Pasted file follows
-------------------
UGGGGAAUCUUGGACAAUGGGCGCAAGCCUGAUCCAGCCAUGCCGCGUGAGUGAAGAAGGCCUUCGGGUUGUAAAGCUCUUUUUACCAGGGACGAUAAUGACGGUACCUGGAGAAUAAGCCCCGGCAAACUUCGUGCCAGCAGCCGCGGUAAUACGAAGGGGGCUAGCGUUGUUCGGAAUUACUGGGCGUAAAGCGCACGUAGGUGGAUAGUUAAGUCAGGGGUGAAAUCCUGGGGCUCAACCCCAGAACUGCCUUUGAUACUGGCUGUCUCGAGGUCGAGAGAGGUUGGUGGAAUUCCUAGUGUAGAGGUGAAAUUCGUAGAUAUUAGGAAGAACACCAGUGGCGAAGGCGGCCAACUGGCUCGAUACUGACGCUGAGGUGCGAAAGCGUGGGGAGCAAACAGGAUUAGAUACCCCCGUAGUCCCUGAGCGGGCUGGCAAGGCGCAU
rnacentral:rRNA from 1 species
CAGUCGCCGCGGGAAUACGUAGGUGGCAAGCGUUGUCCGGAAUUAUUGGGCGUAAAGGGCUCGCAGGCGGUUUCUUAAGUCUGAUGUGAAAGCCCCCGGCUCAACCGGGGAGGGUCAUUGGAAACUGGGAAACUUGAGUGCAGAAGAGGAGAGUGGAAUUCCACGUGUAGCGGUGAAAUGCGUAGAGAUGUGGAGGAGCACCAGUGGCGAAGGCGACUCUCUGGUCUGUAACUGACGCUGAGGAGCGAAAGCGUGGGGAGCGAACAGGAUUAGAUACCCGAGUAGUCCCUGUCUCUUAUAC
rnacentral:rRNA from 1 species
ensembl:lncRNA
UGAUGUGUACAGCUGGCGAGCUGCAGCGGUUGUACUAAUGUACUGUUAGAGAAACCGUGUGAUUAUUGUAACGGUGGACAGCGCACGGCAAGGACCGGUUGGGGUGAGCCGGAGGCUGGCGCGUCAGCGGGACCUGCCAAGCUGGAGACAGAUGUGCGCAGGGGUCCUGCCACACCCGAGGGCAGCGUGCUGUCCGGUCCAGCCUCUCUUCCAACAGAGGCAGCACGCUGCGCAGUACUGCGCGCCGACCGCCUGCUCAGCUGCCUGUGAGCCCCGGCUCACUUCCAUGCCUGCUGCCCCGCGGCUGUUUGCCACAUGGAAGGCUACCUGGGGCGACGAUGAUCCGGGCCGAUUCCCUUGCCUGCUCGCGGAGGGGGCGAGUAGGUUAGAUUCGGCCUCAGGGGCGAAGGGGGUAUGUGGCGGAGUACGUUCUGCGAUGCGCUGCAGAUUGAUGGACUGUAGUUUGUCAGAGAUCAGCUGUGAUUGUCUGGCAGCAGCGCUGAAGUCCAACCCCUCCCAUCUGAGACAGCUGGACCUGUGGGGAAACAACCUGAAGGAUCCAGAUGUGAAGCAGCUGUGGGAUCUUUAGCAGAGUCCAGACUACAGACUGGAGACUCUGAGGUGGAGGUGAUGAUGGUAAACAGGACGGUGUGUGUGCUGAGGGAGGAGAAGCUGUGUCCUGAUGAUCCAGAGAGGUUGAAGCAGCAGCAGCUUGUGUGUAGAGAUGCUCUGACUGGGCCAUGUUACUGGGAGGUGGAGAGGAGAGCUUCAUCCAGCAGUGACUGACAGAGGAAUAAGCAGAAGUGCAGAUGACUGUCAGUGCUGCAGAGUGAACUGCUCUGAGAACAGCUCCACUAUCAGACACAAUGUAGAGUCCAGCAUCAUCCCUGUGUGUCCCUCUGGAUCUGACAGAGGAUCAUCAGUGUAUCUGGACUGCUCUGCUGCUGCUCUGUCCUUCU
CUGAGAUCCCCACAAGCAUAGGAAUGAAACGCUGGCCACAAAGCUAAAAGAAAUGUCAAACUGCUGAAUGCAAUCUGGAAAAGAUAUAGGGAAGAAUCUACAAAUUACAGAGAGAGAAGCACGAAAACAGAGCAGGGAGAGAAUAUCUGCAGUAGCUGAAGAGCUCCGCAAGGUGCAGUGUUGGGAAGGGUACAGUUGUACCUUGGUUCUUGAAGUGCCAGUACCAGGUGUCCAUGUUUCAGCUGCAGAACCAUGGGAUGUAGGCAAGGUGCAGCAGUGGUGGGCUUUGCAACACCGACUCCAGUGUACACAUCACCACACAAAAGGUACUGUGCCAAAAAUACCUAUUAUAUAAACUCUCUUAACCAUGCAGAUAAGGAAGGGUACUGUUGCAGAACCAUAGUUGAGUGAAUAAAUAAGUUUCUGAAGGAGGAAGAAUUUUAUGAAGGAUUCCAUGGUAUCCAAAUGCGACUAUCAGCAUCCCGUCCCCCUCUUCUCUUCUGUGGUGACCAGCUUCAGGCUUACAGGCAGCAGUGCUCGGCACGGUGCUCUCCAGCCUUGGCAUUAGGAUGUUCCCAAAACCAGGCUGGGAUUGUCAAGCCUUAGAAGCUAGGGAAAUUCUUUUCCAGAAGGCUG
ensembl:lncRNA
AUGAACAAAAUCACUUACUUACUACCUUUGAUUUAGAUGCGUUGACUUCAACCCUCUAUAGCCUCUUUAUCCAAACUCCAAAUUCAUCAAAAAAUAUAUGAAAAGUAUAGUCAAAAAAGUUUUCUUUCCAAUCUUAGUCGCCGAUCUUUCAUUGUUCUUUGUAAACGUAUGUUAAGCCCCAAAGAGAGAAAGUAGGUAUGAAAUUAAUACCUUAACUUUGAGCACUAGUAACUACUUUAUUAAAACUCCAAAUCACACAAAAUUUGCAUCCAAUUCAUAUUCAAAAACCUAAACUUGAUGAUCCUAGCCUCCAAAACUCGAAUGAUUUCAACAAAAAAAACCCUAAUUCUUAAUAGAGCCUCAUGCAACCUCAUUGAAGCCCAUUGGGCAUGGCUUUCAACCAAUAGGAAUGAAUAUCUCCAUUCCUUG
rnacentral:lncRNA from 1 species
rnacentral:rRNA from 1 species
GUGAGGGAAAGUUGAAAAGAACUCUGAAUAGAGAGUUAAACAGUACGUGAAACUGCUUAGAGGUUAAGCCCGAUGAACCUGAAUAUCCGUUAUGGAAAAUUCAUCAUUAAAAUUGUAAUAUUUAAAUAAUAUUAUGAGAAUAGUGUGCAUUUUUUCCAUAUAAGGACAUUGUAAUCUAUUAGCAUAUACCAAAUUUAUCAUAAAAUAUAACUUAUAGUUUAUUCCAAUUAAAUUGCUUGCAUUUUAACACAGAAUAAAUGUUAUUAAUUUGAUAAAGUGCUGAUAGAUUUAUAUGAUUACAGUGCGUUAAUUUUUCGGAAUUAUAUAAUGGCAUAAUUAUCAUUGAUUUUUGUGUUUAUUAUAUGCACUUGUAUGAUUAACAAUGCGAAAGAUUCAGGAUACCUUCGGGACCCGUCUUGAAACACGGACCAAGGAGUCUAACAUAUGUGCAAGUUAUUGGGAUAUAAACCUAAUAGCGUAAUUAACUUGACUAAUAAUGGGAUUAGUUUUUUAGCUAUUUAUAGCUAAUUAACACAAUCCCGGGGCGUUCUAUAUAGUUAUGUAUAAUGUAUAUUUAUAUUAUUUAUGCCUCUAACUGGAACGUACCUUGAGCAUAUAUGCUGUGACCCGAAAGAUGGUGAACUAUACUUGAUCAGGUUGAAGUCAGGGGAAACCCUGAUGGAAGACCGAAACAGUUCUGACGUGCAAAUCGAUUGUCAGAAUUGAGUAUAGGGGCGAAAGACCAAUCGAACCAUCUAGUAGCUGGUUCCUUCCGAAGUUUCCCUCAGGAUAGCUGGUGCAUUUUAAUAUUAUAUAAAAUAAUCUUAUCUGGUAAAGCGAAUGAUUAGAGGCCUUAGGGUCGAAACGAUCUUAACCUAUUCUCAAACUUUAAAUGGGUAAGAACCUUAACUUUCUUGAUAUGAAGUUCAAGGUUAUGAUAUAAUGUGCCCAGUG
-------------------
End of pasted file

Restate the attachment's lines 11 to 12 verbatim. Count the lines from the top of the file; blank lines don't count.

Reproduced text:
rnacentral:rRNA from 1 species
GUGAGGGAAAGUUGAAAAGAACUCUGAAUAGAGAGUUAAACAGUACGUGAAACUGCUUAGAGGUUAAGCCCGAUGAACCUGAAUAUCCGUUAUGGAAAAUUCAUCAUUAAAAUUGUAAUAUUUAAAUAAUAUUAUGAGAAUAGUGUGCAUUUUUUCCAUAUAAGGACAUUGUAAUCUAUUAGCAUAUACCAAAUUUAUCAUAAAAUAUAACUUAUAGUUUAUUCCAAUUAAAUUGCUUGCAUUUUAACACAGAAUAAAUGUUAUUAAUUUGAUAAAGUGCUGAUAGAUUUAUAUGAUUACAGUGCGUUAAUUUUUCGGAAUUAUAUAAUGGCAUAAUUAUCAUUGAUUUUUGUGUUUAUUAUAUGCACUUGUAUGAUUAACAAUGCGAAAGAUUCAGGAUACCUUCGGGACCCGUCUUGAAACACGGACCAAGGAGUCUAACAUAUGUGCAAGUUAUUGGGAUAUAAACCUAAUAGCGUAAUUAACUUGACUAAUAAUGGGAUUAGUUUUUUAGCUAUUUAUAGCUAAUUAACACAAUCCCGGGGCGUUCUAUAUAGUUAUGUAUAAUGUAUAUUUAUAUUAUUUAUGCCUCUAACUGGAACGUACCUUGAGCAUAUAUGCUGUGACCCGAAAGAUGGUGAACUAUACUUGAUCAGGUUGAAGUCAGGGGAAACCCUGAUGGAAGACCGAAACAGUUCUGACGUGCAAAUCGAUUGUCAGAAUUGAGUAUAGGGGCGAAAGACCAAUCGAACCAUCUAGUAGCUGGUUCCUUCCGAAGUUUCCCUCAGGAUAGCUGGUGCAUUUUAAUAUUAUAUAAAAUAAUCUUAUCUGGUAAAGCGAAUGAUUAGAGGCCUUAGGGUCGAAACGAUCUUAACCUAUUCUCAAACUUUAAAUGGGUAAGAACCUUAACUUUCUUGAUAUGAAGUUCAAGGUUAUGAUAUAAUGUGCCCAGUG